TIFF: 'Killer Joe' is a delectably gruesome thriller featuring Matthew McConaughey at his creepiest
Killer Joe ***1/2
This Southern, trailer park spin on the film noir formula is off-putting in the most delectable way. Oscar-winning master of suspense William Friedkin (The Exorcist, The French Connection) takes a script by Pulitzer Prize and Tony-winning playwright Tracy Letts and gives second life to this gruesome black comedy about betrayal, sex, drugs and desperation.
Set in what’s likely the bleakest corners of Dallas, Texas, 22-year-old drug dealer Chris (Emile Hirsch) hatches a plan to off his mother – who has a $50,000 life insurance policy – after he finds out she’s stolen his stash. He reeks of dirty desperation in plotting to pay off his $6,000 debt, and finds (surprisingly!) consenting partners in crime in his dopey dad (Thomas Haden Church), sexually precocious sister (Juno Temple) and trampy father's girlfriend (Gina Gershon, consistently brilliant). Together, the ruthless family reaches out to Killer Joe (a frankly unexpected turn for Matthew McConaughey), a crooked cop moonlighting as a contract killer.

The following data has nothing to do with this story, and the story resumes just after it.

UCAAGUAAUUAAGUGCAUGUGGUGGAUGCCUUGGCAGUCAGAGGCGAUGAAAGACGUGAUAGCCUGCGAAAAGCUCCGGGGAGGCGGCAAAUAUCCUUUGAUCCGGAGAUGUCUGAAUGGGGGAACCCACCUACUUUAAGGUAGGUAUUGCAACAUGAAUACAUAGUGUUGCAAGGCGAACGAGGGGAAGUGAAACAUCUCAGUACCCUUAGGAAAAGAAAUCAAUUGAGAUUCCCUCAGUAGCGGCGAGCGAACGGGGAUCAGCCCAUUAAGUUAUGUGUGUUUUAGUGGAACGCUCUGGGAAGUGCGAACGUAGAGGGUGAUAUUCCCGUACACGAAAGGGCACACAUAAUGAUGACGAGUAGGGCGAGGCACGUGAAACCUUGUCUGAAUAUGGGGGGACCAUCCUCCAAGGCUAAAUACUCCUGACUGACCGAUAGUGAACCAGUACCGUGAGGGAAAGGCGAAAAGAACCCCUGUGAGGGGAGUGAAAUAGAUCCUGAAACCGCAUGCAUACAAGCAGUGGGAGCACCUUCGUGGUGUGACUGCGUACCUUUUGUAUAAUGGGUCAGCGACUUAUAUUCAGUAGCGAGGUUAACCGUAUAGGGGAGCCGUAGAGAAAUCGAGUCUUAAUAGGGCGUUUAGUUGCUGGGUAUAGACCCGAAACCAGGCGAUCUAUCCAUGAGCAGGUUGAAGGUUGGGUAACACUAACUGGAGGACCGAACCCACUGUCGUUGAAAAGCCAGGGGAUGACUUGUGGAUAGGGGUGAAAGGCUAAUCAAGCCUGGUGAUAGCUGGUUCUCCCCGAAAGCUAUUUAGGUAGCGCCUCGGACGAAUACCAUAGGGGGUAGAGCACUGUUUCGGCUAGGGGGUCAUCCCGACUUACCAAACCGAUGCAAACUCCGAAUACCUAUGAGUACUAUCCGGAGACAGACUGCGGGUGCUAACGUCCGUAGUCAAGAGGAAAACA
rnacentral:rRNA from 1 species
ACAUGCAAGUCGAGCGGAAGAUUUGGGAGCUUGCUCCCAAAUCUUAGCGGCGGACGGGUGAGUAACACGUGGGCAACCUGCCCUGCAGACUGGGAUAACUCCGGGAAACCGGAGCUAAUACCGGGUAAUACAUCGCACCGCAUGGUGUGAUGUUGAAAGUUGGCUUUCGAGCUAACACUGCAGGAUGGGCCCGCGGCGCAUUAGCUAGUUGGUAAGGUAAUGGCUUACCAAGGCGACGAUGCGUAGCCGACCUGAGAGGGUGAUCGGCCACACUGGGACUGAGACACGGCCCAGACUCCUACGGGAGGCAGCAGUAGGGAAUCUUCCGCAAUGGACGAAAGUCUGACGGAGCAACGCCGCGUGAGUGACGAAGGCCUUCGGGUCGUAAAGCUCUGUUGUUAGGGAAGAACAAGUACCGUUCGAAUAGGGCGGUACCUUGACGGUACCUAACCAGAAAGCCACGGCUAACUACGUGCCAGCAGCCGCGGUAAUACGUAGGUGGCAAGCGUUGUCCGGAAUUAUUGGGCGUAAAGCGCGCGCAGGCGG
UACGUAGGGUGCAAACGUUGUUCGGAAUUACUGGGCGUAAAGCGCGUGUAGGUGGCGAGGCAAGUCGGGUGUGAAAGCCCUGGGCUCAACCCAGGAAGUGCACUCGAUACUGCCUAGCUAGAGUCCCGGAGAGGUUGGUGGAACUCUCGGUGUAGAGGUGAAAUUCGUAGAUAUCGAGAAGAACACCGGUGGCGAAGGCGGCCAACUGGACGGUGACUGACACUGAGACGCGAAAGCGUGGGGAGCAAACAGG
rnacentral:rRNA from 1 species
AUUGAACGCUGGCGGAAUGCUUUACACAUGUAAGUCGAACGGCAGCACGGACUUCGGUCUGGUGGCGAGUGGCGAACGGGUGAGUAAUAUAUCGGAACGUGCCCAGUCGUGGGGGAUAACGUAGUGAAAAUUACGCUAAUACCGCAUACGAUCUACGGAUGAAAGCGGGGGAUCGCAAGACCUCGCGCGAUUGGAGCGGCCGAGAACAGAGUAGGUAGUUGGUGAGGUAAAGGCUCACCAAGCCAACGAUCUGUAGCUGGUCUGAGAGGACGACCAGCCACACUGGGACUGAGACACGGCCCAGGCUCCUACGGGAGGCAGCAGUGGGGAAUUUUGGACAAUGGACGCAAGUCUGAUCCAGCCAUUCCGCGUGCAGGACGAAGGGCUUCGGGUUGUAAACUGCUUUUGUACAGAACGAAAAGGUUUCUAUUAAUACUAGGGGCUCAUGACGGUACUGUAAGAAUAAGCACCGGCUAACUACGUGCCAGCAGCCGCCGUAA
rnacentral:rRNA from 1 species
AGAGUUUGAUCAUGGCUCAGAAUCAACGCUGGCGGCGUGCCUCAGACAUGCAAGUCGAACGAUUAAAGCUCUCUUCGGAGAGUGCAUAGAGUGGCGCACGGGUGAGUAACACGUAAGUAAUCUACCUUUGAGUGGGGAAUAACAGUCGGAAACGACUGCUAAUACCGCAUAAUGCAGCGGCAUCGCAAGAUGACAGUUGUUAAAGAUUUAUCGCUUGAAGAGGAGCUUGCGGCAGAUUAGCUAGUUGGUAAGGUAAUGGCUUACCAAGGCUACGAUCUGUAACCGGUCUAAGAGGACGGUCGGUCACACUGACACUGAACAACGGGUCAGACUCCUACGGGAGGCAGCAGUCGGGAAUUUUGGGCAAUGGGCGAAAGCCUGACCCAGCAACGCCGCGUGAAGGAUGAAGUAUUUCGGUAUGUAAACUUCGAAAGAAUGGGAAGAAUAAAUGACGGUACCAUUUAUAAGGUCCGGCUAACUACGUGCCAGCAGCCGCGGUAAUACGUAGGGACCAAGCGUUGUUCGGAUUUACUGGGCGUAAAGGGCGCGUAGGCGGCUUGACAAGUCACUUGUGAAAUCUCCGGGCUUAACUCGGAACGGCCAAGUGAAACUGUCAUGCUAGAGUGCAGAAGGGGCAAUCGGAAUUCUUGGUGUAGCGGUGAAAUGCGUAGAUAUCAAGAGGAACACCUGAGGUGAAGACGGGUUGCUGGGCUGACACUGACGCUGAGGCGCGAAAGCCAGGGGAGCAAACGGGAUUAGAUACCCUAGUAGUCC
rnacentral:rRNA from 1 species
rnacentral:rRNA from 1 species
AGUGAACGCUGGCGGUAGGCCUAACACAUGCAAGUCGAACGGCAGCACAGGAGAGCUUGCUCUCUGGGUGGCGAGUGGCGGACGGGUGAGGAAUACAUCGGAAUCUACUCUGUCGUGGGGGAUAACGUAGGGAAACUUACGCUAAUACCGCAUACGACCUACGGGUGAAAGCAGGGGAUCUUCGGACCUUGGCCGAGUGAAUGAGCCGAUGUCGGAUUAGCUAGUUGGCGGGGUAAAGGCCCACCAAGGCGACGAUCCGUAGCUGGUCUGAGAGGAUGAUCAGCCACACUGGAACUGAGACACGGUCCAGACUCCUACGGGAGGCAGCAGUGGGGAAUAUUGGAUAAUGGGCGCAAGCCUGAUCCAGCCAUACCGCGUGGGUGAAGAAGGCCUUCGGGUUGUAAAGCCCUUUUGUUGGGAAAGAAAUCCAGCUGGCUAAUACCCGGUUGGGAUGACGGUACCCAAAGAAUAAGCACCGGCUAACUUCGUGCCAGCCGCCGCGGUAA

Emile Hirsch and Juno Temple in 'Killer Joe'
The set-up alone is your worst nightmare of what life in a white bread trailer home could be – and then things begin to take a turn for the worse. Killer Joe is an exposé of disturbingly bawdy, Bible Belt behaviour set in the area’s diners, strip clubs, seedy parking lots and panties-optional mobile homes. Plot twists and turns keep the story moving swiftly forward, and the suspense builds as you realize these characters were never taught to develop something akin to a moral compass.
Friedkin is a veteran at casting and directing actors, and this film is the perfect showcase for those sharp instincts. Gina Gershon, Emile Hirsch, Juno Temple and – wait for it – Matthew McConaughey all deliver stellar performances that go from angry to libidinous to campy to eerie. Some scenes are hard to stomach, namely those involving canned food and a KFC chicken chunk (utterly vile)!
From its opening scene on, Friedkin’s film repeatedly oversteps the boundaries of good taste, and it’s a sheer pleasure to watch. Killer Joe is a razor-sharp, transgressive thriller with lots of dark humour…and some unsettling bush.
Saturday, September 17 | Visa Screening Room (Elgin) | 9:00pm
Toronto International Film Festival | Until September 18 | tiff.net
From left to right: Emile Hirsch, Gina Gershon, Thomas Haden Church and Juno Temple in 'Killer Joe'